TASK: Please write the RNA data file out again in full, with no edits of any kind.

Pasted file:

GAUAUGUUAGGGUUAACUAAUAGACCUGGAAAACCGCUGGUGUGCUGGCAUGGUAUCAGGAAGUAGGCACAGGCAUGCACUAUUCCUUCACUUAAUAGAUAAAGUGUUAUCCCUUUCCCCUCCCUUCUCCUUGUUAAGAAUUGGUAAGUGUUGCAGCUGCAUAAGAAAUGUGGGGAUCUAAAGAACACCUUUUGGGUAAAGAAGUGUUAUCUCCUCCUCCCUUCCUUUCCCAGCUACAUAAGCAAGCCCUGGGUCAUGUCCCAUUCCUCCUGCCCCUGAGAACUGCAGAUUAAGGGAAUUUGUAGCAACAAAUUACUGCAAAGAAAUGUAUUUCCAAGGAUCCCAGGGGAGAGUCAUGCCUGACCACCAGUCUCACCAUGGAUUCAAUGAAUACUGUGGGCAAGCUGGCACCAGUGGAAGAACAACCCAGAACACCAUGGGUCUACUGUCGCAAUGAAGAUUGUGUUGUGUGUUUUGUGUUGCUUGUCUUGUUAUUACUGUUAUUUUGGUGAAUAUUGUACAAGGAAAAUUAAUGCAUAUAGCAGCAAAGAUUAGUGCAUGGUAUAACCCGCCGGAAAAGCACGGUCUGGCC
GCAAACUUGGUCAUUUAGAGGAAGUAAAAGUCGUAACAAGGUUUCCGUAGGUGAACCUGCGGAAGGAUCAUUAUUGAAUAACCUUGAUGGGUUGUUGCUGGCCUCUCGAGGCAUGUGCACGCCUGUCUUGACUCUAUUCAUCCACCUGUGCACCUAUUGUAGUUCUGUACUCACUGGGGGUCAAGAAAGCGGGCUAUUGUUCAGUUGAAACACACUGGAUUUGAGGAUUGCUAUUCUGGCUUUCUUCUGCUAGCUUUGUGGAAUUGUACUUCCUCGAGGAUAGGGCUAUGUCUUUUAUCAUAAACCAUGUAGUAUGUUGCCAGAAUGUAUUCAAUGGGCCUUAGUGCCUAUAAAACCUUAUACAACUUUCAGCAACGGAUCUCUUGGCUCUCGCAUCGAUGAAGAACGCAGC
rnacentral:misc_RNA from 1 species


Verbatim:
GAUAUGUUAGGGUUAACUAAUAGACCUGGAAAACCGCUGGUGUGCUGGCAUGGUAUCAGGAAGUAGGCACAGGCAUGCACUAUUCCUUCACUUAAUAGAUAAAGUGUUAUCCCUUUCCCCUCCCUUCUCCUUGUUAAGAAUUGGUAAGUGUUGCAGCUGCAUAAGAAAUGUGGGGAUCUAAAGAACACCUUUUGGGUAAAGAAGUGUUAUCUCCUCCUCCCUUCCUUUCCCAGCUACAUAAGCAAGCCCUGGGUCAUGUCCCAUUCCUCCUGCCCCUGAGAACUGCAGAUUAAGGGAAUUUGUAGCAACAAAUUACUGCAAAGAAAUGUAUUUCCAAGGAUCCCAGGGGAGAGUCAUGCCUGACCACCAGUCUCACCAUGGAUUCAAUGAAUACUGUGGGCAAGCUGGCACCAGUGGAAGAACAACCCAGAACACCAUGGGUCUACUGUCGCAAUGAAGAUUGUGUUGUGUGUUUUGUGUUGCUUGUCUUGUUAUUACUGUUAUUUUGGUGAAUAUUGUACAAGGAAAAUUAAUGCAUAUAGCAGCAAAGAUUAGUGCAUGGUAUAACCCGCCGGAAAAGCACGGUCUGGCC
GCAAACUUGGUCAUUUAGAGGAAGUAAAAGUCGUAACAAGGUUUCCGUAGGUGAACCUGCGGAAGGAUCAUUAUUGAAUAACCUUGAUGGGUUGUUGCUGGCCUCUCGAGGCAUGUGCACGCCUGUCUUGACUCUAUUCAUCCACCUGUGCACCUAUUGUAGUUCUGUACUCACUGGGGGUCAAGAAAGCGGGCUAUUGUUCAGUUGAAACACACUGGAUUUGAGGAUUGCUAUUCUGGCUUUCUUCUGCUAGCUUUGUGGAAUUGUACUUCCUCGAGGAUAGGGCUAUGUCUUUUAUCAUAAACCAUGUAGUAUGUUGCCAGAAUGUAUUCAAUGGGCCUUAGUGCCUAUAAAACCUUAUACAACUUUCAGCAACGGAUCUCUUGGCUCUCGCAUCGAUGAAGAACGCAGC
rnacentral:misc_RNA from 1 species